or ber·ret·ta, bir·ret·ta
Origin of biretta
Examples from the Web for biretta
He must also provide the Bishop with a horse, gloves, and a biretta when he rides abroad.St. Nicholas|George H. McKnight
The man in the group behind the bishop, who is in surplice and hood and biretta, is probably the archdeacon.Parish Priests and Their People in the Middle Ages in England|Edward L. Cutts
On our heads we wore a fascinating "biretta," or cap with a tall feather.A Tatter of Scarlet|S. R. Crockett
Only in Spain has the biretta continued to be worn without the raised ridges.
He is wearing the academical costume of a master, cincture and biretta, gown and hood of minever.Oxford and its Story|Cecil Headlam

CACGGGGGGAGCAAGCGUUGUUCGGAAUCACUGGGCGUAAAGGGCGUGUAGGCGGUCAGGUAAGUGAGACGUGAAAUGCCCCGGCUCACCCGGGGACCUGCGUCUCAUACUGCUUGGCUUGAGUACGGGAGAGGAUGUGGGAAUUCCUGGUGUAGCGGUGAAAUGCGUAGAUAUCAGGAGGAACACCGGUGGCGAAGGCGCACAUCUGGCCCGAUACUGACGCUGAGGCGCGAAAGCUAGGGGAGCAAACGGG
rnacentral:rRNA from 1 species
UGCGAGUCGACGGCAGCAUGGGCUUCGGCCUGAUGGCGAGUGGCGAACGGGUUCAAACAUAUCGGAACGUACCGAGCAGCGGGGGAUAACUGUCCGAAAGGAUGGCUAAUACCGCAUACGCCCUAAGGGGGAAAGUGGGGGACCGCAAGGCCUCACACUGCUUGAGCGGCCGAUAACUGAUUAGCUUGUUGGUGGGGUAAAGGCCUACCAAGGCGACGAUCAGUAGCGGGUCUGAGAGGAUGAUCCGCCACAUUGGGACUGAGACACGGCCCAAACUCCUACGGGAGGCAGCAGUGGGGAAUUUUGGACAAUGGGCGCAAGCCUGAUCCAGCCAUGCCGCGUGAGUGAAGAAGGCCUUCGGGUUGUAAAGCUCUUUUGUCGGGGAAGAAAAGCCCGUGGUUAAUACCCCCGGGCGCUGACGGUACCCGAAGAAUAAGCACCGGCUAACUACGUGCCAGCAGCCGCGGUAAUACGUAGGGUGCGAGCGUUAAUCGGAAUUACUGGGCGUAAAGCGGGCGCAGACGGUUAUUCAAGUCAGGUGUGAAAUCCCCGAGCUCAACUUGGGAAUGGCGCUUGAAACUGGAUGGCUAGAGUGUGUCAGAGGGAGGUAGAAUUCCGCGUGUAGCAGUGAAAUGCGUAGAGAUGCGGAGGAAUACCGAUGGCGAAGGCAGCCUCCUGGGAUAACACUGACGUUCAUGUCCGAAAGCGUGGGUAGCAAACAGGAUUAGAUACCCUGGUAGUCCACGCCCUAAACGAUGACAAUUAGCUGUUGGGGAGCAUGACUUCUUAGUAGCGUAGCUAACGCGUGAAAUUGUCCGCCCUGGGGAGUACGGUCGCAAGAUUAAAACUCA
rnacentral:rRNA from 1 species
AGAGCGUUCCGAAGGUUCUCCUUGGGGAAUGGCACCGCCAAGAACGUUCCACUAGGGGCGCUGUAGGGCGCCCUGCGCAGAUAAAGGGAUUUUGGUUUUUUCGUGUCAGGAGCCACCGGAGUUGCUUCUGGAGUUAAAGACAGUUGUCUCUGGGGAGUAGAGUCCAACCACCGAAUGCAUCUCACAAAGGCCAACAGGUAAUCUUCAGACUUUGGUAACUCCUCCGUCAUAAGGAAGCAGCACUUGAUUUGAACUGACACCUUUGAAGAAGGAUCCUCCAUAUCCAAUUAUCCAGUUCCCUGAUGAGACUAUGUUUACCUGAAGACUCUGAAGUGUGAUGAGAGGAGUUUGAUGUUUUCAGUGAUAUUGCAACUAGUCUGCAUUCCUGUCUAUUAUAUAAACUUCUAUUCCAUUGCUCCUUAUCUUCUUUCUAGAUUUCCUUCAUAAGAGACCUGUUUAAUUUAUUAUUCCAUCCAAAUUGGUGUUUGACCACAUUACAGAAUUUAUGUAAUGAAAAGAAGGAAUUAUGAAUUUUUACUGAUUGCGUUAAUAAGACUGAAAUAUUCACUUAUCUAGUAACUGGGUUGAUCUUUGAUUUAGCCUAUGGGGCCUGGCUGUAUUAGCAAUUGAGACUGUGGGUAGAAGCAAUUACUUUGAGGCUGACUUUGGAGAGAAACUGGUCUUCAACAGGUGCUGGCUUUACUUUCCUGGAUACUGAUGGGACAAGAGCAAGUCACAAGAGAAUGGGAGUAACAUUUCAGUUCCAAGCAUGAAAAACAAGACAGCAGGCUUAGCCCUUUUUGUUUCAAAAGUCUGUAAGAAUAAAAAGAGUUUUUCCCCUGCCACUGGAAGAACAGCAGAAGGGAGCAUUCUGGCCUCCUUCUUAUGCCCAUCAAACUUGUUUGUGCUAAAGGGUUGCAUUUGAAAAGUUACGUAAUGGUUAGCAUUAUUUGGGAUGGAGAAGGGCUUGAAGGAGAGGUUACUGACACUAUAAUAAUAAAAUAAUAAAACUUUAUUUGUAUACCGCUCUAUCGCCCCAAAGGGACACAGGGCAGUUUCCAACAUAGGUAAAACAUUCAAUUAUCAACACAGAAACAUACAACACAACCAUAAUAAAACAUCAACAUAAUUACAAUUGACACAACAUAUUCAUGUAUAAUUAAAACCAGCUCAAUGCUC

British Dictionary definitions for biretta
Word Origin for biretta
Word Origin and History for biretta
square cap worn by Catholic clergy, 1590s, from Italian beretta, from Late Latin birrus, birrum "large cloak with hood;" perhaps of Gaulish origin, or from Greek pyrros "flame-colored, yellow."